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Dateline Pakistan: Lawyers as Revolutionaries?

Is Pervez Musharraf the Gorbachev of Pakistan — or the Shah of Islamabad?

October 2, 2007

Is Pervez Musharraf the Gorbachev of Pakistan — or the Shah of Islamabad?

It is not often that TV screens and newspaper photos capture lawyers, clad in dark suits and white shirts, hurling stones and rocks at the powers that be. You see, lawyers are generally seen as the backbone of the establishment — regardless of whether it is a nice one or a nasty one.

But the pictures shooting across the globe in recent months from Lahore, Pakistan’s second-largest city, and Islamabad, the capital city, provide a clear exception to this rule.

In March 2007 — incensed by the imperious, and illegal, way in which General/President Musharraf suspended the country’s chief justice, Iftikhar Mohammad Chaudhry — lawyers were indeed acting in what must be considered a very unlawyerly way. They hurled rocks at the police.

Their street protests were a clear sign of the despair gripping Pakistan — a country that, based on current population growth trends, promises to become the fifth-most populous in the world by 2050 (ranking only behind India, China, the United States and Indonesia).

Musharraf has ruled Pakistan ever since he took power in October 1999 by ousting Prime Minister Nawaz Sharif in a bloodless coup.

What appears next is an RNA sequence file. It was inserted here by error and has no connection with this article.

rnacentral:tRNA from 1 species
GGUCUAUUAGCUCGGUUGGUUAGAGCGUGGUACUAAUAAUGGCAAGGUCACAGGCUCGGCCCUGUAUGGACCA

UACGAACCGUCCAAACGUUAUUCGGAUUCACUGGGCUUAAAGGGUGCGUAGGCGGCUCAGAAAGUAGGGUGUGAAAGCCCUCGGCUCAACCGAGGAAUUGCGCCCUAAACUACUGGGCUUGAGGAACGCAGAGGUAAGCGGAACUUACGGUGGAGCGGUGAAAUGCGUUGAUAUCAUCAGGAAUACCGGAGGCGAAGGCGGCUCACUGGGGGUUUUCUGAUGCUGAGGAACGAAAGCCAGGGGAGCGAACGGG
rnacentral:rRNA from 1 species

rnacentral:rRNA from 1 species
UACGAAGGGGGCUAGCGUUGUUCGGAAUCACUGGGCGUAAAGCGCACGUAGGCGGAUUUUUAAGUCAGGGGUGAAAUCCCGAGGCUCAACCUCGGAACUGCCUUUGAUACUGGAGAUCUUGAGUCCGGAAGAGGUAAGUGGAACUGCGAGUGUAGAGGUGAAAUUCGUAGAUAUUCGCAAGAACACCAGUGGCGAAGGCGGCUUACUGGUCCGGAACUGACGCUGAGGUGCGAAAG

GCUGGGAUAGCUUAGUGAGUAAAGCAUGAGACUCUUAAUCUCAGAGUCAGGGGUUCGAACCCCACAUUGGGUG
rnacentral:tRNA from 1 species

As his tenure has shown, governing Pakistan is a complex endeavor. One has to be able to navigate among the often mutually exclusive positions of the country’s powerful clerics, the extremely competitive intelligence services, other political forces and society at large.

For a long time, Musharraf proved adept at the game. And now that Pakistan’s economy has been growing at an impressive 7% clip since 2005, General Musharraf was quite certain that he would have smoother sailing — despite the occasional attempt at his life.

Alas, so far it has not turned out this way. In reality, economic growth is making Pakistanis more restive — not less so. They see their country’s potential — and realize that its political development is lagging far behind its economic progress.

Such a trend does not concern Musharraf, who essentially sees himself as an early 20th century constitutional monarch in the European tradition.

In other words, he views himself as an enlightened ruler willing to give his people as much room for maneuver as they can handle (which will tend to be very little, when measured in terms of sharing actual political power).

Trouble is, in reality, such an “enlightened” practice still stunts the development of democratic traditions — and makes it more difficult to learn the give-and-take of compromise.

The fact that the lawyers continue to be so frustrated that they are openly challenging the president is particularly interesting in a historic context.

Back in the early 1980s, 3,000 miles to the West there was another country — firmly in the hands of a general — who found his rule all of a sudden challenged by another seemingly unlikely group of people. At the time, it too seemed like a long shot for them to succeed with their revolution by eventually toppling the general.

The scene was Gdansk, Poland in August, 1980. Back then, it was not lawyers, but shipyard workers who stormed the barricades and resisted the oppressive rule of General Wojciech Jaruzelski.

Unlike their counterparts in Pakistan’s Lahore, at least they were “proletarians” (in keeping with classic Marxist theory of the class struggle).